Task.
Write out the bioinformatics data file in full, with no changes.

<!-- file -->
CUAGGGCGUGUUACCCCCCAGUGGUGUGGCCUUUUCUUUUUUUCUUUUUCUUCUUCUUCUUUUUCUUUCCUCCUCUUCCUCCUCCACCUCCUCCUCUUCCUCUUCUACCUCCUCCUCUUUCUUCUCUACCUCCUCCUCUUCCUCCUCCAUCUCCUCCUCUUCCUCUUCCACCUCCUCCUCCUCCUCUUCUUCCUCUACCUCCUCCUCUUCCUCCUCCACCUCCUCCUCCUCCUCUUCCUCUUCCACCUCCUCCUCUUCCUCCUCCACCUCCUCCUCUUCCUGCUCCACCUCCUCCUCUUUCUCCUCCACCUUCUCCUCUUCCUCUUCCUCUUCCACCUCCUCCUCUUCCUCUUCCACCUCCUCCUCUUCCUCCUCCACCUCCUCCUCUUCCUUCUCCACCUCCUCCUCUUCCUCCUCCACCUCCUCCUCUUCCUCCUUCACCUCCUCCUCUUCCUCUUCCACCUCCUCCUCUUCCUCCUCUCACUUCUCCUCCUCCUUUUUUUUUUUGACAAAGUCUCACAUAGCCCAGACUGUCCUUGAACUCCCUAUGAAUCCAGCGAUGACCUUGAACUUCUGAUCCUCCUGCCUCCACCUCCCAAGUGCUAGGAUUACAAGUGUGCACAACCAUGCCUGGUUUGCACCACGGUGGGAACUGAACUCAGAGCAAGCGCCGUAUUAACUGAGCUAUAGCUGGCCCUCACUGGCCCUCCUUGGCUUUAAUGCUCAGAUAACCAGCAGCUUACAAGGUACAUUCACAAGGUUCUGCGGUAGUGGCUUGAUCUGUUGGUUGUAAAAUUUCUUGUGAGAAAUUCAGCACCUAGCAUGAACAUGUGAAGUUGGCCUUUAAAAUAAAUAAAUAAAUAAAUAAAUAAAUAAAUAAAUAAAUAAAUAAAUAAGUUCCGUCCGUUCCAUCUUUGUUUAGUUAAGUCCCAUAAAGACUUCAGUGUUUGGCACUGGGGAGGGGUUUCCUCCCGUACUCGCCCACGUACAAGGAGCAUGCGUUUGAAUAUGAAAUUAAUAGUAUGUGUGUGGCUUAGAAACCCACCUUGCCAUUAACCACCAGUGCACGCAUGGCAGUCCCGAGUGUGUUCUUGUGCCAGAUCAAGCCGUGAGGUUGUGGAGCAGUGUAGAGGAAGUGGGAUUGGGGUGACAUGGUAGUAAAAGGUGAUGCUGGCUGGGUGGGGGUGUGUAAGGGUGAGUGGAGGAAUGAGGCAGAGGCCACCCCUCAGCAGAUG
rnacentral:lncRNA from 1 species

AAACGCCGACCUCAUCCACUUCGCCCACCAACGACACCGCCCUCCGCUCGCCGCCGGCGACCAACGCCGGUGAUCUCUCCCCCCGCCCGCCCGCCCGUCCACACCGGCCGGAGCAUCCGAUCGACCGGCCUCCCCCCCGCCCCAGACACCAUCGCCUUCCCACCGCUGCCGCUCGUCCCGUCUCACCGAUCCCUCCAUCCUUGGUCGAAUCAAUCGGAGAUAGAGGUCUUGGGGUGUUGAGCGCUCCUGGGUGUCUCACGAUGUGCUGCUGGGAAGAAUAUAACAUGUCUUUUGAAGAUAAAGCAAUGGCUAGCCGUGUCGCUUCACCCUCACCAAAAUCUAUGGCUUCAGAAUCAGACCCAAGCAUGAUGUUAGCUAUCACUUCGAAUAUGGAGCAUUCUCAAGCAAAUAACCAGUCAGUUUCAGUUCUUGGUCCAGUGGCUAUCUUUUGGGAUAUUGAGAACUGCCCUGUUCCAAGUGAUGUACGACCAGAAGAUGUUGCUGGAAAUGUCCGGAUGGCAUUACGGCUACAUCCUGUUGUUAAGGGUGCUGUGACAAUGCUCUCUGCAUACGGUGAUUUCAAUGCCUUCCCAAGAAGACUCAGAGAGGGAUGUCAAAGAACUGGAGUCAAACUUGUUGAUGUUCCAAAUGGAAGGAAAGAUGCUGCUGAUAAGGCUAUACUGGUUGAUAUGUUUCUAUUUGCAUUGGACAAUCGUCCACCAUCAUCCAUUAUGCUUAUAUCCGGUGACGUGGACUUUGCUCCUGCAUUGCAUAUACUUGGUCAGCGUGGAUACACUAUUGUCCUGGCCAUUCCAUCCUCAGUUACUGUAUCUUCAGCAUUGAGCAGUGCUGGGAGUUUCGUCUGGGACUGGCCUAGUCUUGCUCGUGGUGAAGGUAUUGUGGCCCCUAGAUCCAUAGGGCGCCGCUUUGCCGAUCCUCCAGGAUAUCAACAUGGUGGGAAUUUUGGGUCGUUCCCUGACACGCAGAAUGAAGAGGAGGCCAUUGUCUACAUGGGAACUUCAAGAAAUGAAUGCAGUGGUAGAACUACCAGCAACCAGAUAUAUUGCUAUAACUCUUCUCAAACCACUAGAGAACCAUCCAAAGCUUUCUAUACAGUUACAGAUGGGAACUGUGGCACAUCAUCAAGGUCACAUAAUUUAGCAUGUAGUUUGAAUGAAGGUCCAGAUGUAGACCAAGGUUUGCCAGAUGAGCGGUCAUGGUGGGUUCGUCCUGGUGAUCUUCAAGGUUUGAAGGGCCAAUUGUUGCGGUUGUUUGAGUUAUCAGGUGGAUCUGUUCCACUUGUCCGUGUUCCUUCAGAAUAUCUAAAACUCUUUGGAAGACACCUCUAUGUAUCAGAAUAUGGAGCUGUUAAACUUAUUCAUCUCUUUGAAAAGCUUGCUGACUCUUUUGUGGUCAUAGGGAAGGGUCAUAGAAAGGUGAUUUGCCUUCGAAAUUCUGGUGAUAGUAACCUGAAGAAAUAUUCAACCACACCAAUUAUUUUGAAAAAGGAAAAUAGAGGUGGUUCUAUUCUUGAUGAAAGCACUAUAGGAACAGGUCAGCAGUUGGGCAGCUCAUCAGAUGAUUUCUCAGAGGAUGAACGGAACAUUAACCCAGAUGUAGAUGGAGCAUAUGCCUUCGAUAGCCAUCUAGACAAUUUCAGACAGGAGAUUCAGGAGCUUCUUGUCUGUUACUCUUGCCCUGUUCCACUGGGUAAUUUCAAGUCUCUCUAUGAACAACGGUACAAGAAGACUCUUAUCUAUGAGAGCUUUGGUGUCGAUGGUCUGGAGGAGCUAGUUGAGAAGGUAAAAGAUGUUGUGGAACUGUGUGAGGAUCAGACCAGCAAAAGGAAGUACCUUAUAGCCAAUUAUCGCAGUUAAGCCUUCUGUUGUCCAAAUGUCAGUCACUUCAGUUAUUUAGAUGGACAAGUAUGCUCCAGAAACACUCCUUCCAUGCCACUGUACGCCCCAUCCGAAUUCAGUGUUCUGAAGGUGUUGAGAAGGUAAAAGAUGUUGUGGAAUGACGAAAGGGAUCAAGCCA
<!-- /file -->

CUAGGGCGUGUUACCCCCCAGUGGUGUGGCCUUUUCUUUUUUUCUUUUUCUUCUUCUUCUUUUUCUUUCCUCCUCUUCCUCCUCCACCUCCUCCUCUUCCUCUUCUACCUCCUCCUCUUUCUUCUCUACCUCCUCCUCUUCCUCCUCCAUCUCCUCCUCUUCCUCUUCCACCUCCUCCUCCUCCUCUUCUUCCUCUACCUCCUCCUCUUCCUCCUCCACCUCCUCCUCCUCCUCUUCCUCUUCCACCUCCUCCUCUUCCUCCUCCACCUCCUCCUCUUCCUGCUCCACCUCCUCCUCUUUCUCCUCCACCUUCUCCUCUUCCUCUUCCUCUUCCACCUCCUCCUCUUCCUCUUCCACCUCCUCCUCUUCCUCCUCCACCUCCUCCUCUUCCUUCUCCACCUCCUCCUCUUCCUCCUCCACCUCCUCCUCUUCCUCCUUCACCUCCUCCUCUUCCUCUUCCACCUCCUCCUCUUCCUCCUCUCACUUCUCCUCCUCCUUUUUUUUUUUGACAAAGUCUCACAUAGCCCAGACUGUCCUUGAACUCCCUAUGAAUCCAGCGAUGACCUUGAACUUCUGAUCCUCCUGCCUCCACCUCCCAAGUGCUAGGAUUACAAGUGUGCACAACCAUGCCUGGUUUGCACCACGGUGGGAACUGAACUCAGAGCAAGCGCCGUAUUAACUGAGCUAUAGCUGGCCCUCACUGGCCCUCCUUGGCUUUAAUGCUCAGAUAACCAGCAGCUUACAAGGUACAUUCACAAGGUUCUGCGGUAGUGGCUUGAUCUGUUGGUUGUAAAAUUUCUUGUGAGAAAUUCAGCACCUAGCAUGAACAUGUGAAGUUGGCCUUUAAAAUAAAUAAAUAAAUAAAUAAAUAAAUAAAUAAAUAAAUAAAUAAAUAAGUUCCGUCCGUUCCAUCUUUGUUUAGUUAAGUCCCAUAAAGACUUCAGUGUUUGGCACUGGGGAGGGGUUUCCUCCCGUACUCGCCCACGUACAAGGAGCAUGCGUUUGAAUAUGAAAUUAAUAGUAUGUGUGUGGCUUAGAAACCCACCUUGCCAUUAACCACCAGUGCACGCAUGGCAGUCCCGAGUGUGUUCUUGUGCCAGAUCAAGCCGUGAGGUUGUGGAGCAGUGUAGAGGAAGUGGGAUUGGGGUGACAUGGUAGUAAAAGGUGAUGCUGGCUGGGUGGGGGUGUGUAAGGGUGAGUGGAGGAAUGAGGCAGAGGCCACCCCUCAGCAGAUG
rnacentral:lncRNA from 1 species

AAACGCCGACCUCAUCCACUUCGCCCACCAACGACACCGCCCUCCGCUCGCCGCCGGCGACCAACGCCGGUGAUCUCUCCCCCCGCCCGCCCGCCCGUCCACACCGGCCGGAGCAUCCGAUCGACCGGCCUCCCCCCCGCCCCAGACACCAUCGCCUUCCCACCGCUGCCGCUCGUCCCGUCUCACCGAUCCCUCCAUCCUUGGUCGAAUCAAUCGGAGAUAGAGGUCUUGGGGUGUUGAGCGCUCCUGGGUGUCUCACGAUGUGCUGCUGGGAAGAAUAUAACAUGUCUUUUGAAGAUAAAGCAAUGGCUAGCCGUGUCGCUUCACCCUCACCAAAAUCUAUGGCUUCAGAAUCAGACCCAAGCAUGAUGUUAGCUAUCACUUCGAAUAUGGAGCAUUCUCAAGCAAAUAACCAGUCAGUUUCAGUUCUUGGUCCAGUGGCUAUCUUUUGGGAUAUUGAGAACUGCCCUGUUCCAAGUGAUGUACGACCAGAAGAUGUUGCUGGAAAUGUCCGGAUGGCAUUACGGCUACAUCCUGUUGUUAAGGGUGCUGUGACAAUGCUCUCUGCAUACGGUGAUUUCAAUGCCUUCCCAAGAAGACUCAGAGAGGGAUGUCAAAGAACUGGAGUCAAACUUGUUGAUGUUCCAAAUGGAAGGAAAGAUGCUGCUGAUAAGGCUAUACUGGUUGAUAUGUUUCUAUUUGCAUUGGACAAUCGUCCACCAUCAUCCAUUAUGCUUAUAUCCGGUGACGUGGACUUUGCUCCUGCAUUGCAUAUACUUGGUCAGCGUGGAUACACUAUUGUCCUGGCCAUUCCAUCCUCAGUUACUGUAUCUUCAGCAUUGAGCAGUGCUGGGAGUUUCGUCUGGGACUGGCCUAGUCUUGCUCGUGGUGAAGGUAUUGUGGCCCCUAGAUCCAUAGGGCGCCGCUUUGCCGAUCCUCCAGGAUAUCAACAUGGUGGGAAUUUUGGGUCGUUCCCUGACACGCAGAAUGAAGAGGAGGCCAUUGUCUACAUGGGAACUUCAAGAAAUGAAUGCAGUGGUAGAACUACCAGCAACCAGAUAUAUUGCUAUAACUCUUCUCAAACCACUAGAGAACCAUCCAAAGCUUUCUAUACAGUUACAGAUGGGAACUGUGGCACAUCAUCAAGGUCACAUAAUUUAGCAUGUAGUUUGAAUGAAGGUCCAGAUGUAGACCAAGGUUUGCCAGAUGAGCGGUCAUGGUGGGUUCGUCCUGGUGAUCUUCAAGGUUUGAAGGGCCAAUUGUUGCGGUUGUUUGAGUUAUCAGGUGGAUCUGUUCCACUUGUCCGUGUUCCUUCAGAAUAUCUAAAACUCUUUGGAAGACACCUCUAUGUAUCAGAAUAUGGAGCUGUUAAACUUAUUCAUCUCUUUGAAAAGCUUGCUGACUCUUUUGUGGUCAUAGGGAAGGGUCAUAGAAAGGUGAUUUGCCUUCGAAAUUCUGGUGAUAGUAACCUGAAGAAAUAUUCAACCACACCAAUUAUUUUGAAAAAGGAAAAUAGAGGUGGUUCUAUUCUUGAUGAAAGCACUAUAGGAACAGGUCAGCAGUUGGGCAGCUCAUCAGAUGAUUUCUCAGAGGAUGAACGGAACAUUAACCCAGAUGUAGAUGGAGCAUAUGCCUUCGAUAGCCAUCUAGACAAUUUCAGACAGGAGAUUCAGGAGCUUCUUGUCUGUUACUCUUGCCCUGUUCCACUGGGUAAUUUCAAGUCUCUCUAUGAACAACGGUACAAGAAGACUCUUAUCUAUGAGAGCUUUGGUGUCGAUGGUCUGGAGGAGCUAGUUGAGAAGGUAAAAGAUGUUGUGGAACUGUGUGAGGAUCAGACCAGCAAAAGGAAGUACCUUAUAGCCAAUUAUCGCAGUUAAGCCUUCUGUUGUCCAAAUGUCAGUCACUUCAGUUAUUUAGAUGGACAAGUAUGCUCCAGAAACACUCCUUCCAUGCCACUGUACGCCCCAUCCGAAUUCAGUGUUCUGAAGGUGUUGAGAAGGUAAAAGAUGUUGUGGAAUGACGAAAGGGAUCAAGCCA